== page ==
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Hands-on in

HAITI Shelly Chvotzkin, DO ’02


n one of the many medical aid trips that Dr. Chvotzkin has made to Haiti, a seven months’ pregnant woman came to see her at the Haiti Clinic, where Dr. Chvotzkin volunteers. The Haitian woman reported she did not feel well. Then, to the surprise of Dr. Chvotzkin, an obstetrician-gynecologist at HealthPark Medical Center in Fort Myers, Florida, the woman suddenly suffered a seizure and became unresponsive. Because the clinic, then located in Cité Soleil near Port-auPrince, is not equipped to treat such emergencies, she accompanied the expectant mother to the local hospital. As they drove through dangerous, gang-ridden slums, Dr. Chvotzkin feared more for her patient’s life than her own safety. “It was scary,” she recalls. “I’m not sure what would have happened if she hadn’t come to the clinic.”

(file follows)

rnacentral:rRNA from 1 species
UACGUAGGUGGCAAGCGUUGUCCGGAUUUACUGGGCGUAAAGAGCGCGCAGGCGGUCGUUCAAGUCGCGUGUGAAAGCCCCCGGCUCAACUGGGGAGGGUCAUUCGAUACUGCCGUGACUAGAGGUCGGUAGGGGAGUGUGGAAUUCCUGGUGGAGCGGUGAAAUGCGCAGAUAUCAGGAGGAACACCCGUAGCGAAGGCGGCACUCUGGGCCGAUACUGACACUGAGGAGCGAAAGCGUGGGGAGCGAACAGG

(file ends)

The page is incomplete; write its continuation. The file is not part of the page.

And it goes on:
by Kathleen Louden

with her newborn infant to say thank you to “Baby Doc,” as the Haitians call her.

Making a difference

Success stories like these are why Dr. Chvotzkin says she uses all her vacation time to travel to the poor Caribbean country every other month, recently making her 24th trip. “It is very rewarding. You feel like you can make a difference,” she says. Photos of a beaming Dr. Chvotzkin with her Haitian patients show her joy in being there. The Philadelphia native explains her dedication to this often difficult work: “Sometimes the doctor-patient relationship gets lost in the United States. In Haiti, you don’t have to worry about relative value units or making a quota. It’s getting back to the humanity of medicine. You realize what’s important and what’s not.”

Dr. Chvotzkin suspected hypoglycemia and encouraged the hospital staff to test the patient’s blood glucose. Indeed, the woman’s glucose level was dangerously low, and she received lifesaving treatment.

About 40 percent of Haiti’s population, or more than 3.5 million people, are without medical care because of poverty and lack of access, according to the Pan American Health Organization. UNICEF reports that Haiti has the highest rates of infant and maternal mortality in the Western hemisphere.

Several months later, on another trip to the Haiti Clinic, Dr. Chvotzkin saw the woman again. The patient returned

People who cannot afford medical care can be seen at the Haiti Clinic for less than $1, according to Dr. Chvotzkin.



For alumni and friends of Philadelphia College of Osteopathic Medicine